Out of all the reptile species on earth, a lot of which are already endangered, one-fourth are available in the online trade.

Shocking Findings

This was the shocking result of a new study published in the journal Nature Communications, which discovered that the reptile trade online is much more extensive than thought. Furthermore, their trade is not protected nor regulated by the international community.

The study authors scoured the internet for all reptiles being sold worldwide. The search turned up a total of 3,943 species, comprising over 35 percent of all species of reptiles globally. These are being traded for more than 20 years now, and 2,754 of all transactions are conducted online.

Xishuangbanna Tropical Botanical Garden ecologist and study author Alice Hughes said that they were overwhelmed by the staggering number of traded species.

One-Fourth of All Reptiles, Many Endangered, Can Be Bought Online
(Photo: Wikimedia Commons)
Out of all the reptile species on earth, a lot of which are already endangered, one-fourth are available in the online trade.

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Regulatory Problems

It is easy to buy reptiles online, with both rare and common species available. Some are even newly discovered. Over 75 percent of reptiles traded are not included in any trade regulation or agreement. The Convention on International Trade in Endangered Species only regulates species in order to ensure that trading is sustainable.

Many new, under-studied threatened, and endangered species are not included in trade regulations as well. Hughes says many endangered reptiles are legally traded.

In addition, over 30% of reptile species have not been given any conservation status by the IUCN Red List, currently the most comprehensive inventory of all species in terms of conservation status. Hughes says that reptiles are given less attention as well as less funding compared to other animal groups.

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Looking at Data Gaps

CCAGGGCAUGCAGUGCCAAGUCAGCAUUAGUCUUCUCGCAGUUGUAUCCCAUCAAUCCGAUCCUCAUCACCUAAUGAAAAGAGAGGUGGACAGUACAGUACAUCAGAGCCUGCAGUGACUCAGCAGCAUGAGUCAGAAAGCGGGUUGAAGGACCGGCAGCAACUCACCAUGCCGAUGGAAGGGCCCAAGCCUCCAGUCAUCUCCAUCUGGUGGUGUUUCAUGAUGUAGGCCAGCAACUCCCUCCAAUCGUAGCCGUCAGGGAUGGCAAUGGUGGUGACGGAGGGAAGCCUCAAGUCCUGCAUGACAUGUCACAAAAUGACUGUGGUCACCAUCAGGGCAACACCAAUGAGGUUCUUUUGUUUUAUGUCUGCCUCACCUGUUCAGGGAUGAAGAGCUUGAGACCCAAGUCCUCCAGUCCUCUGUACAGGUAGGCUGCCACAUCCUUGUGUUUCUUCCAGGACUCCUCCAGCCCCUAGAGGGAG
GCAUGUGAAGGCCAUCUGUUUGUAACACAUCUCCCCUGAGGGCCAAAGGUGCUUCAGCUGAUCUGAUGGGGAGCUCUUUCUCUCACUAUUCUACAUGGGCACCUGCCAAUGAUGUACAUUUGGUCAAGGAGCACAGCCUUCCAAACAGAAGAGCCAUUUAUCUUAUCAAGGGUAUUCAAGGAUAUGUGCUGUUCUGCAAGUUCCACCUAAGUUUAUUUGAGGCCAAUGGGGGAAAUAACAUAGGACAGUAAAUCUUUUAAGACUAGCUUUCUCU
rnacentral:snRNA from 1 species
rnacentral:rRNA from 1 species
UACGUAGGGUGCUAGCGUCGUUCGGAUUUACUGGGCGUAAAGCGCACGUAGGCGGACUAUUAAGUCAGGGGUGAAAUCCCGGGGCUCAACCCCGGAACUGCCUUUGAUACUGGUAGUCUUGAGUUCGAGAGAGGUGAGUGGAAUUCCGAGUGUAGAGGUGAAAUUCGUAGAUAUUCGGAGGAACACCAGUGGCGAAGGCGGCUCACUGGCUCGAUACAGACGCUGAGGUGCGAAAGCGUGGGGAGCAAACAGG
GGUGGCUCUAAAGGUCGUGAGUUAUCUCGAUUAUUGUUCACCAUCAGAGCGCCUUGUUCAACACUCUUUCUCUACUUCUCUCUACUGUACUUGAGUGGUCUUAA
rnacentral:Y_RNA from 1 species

The study authors compared the reptile species being sold online with species already included in the CITES and regulatory lists. This allowed them to quantify the level of the trade not perceived by previous assessments.

A total of 151 sites that sell reptiles for the last two decades were gathered. They also included five separate languages, but not the selling which were conducted on social media platforms nor the dark or deep web.

The team found that the Amazon and Southeast Asia were the hotspot regions where most of the traded species come from. Meanwhile, the largest volume of purchases were made by US and EU buyers.

Over 80 percent of species that are critically endangered were also traded in the name of fashion. Ten percent are bought as pets. For the last 10 percent, these were used as food, medicine, or as decoration. Sadly, over 90 percent of traded animals were wild caught.

Hughes says that according to existing data, millions of reptiles have already been traded in 20 years. Prices ranged from 10 to 20 dollars for common species to thousands for rare species.

One study even showed that the entire population of over twenty species were harvested after being newly described by science. An article in 2016 showed that newly described reptile species can be susceptible to exploitation from collectors.

As a precautionary measure, the study authors recommend that trade regulations be revised to first require proof of sustainable trade for the species prior to being sold.

This measure will protect seldom-traded and rare reptile species that are vulnerable from trade due to unavailability of data of their status.

Hughes says they are not against reptile species being in the online trade, only against their collection from the wild without knowing their endangered status or the impact of trade on their population.

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